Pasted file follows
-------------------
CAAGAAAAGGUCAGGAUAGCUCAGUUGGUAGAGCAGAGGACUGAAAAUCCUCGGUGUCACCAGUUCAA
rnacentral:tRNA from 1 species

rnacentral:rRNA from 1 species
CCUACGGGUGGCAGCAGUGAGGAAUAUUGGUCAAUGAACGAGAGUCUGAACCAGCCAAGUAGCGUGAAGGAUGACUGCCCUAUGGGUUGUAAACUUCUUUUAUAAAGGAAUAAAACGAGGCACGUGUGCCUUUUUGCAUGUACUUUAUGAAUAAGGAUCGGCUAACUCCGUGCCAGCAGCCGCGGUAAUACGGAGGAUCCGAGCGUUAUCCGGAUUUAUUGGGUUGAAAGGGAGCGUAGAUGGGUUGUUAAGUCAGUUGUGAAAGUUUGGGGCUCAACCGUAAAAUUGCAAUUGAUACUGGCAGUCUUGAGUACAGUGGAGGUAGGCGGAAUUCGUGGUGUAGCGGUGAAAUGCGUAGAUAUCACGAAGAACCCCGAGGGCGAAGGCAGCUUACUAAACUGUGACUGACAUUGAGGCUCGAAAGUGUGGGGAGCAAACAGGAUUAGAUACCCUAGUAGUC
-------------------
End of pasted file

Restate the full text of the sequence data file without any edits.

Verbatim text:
CAAGAAAAGGUCAGGAUAGCUCAGUUGGUAGAGCAGAGGACUGAAAAUCCUCGGUGUCACCAGUUCAA
rnacentral:tRNA from 1 species

rnacentral:rRNA from 1 species
CCUACGGGUGGCAGCAGUGAGGAAUAUUGGUCAAUGAACGAGAGUCUGAACCAGCCAAGUAGCGUGAAGGAUGACUGCCCUAUGGGUUGUAAACUUCUUUUAUAAAGGAAUAAAACGAGGCACGUGUGCCUUUUUGCAUGUACUUUAUGAAUAAGGAUCGGCUAACUCCGUGCCAGCAGCCGCGGUAAUACGGAGGAUCCGAGCGUUAUCCGGAUUUAUUGGGUUGAAAGGGAGCGUAGAUGGGUUGUUAAGUCAGUUGUGAAAGUUUGGGGCUCAACCGUAAAAUUGCAAUUGAUACUGGCAGUCUUGAGUACAGUGGAGGUAGGCGGAAUUCGUGGUGUAGCGGUGAAAUGCGUAGAUAUCACGAAGAACCCCGAGGGCGAAGGCAGCUUACUAAACUGUGACUGACAUUGAGGCUCGAAAGUGUGGGGAGCAAACAGGAUUAGAUACCCUAGUAGUC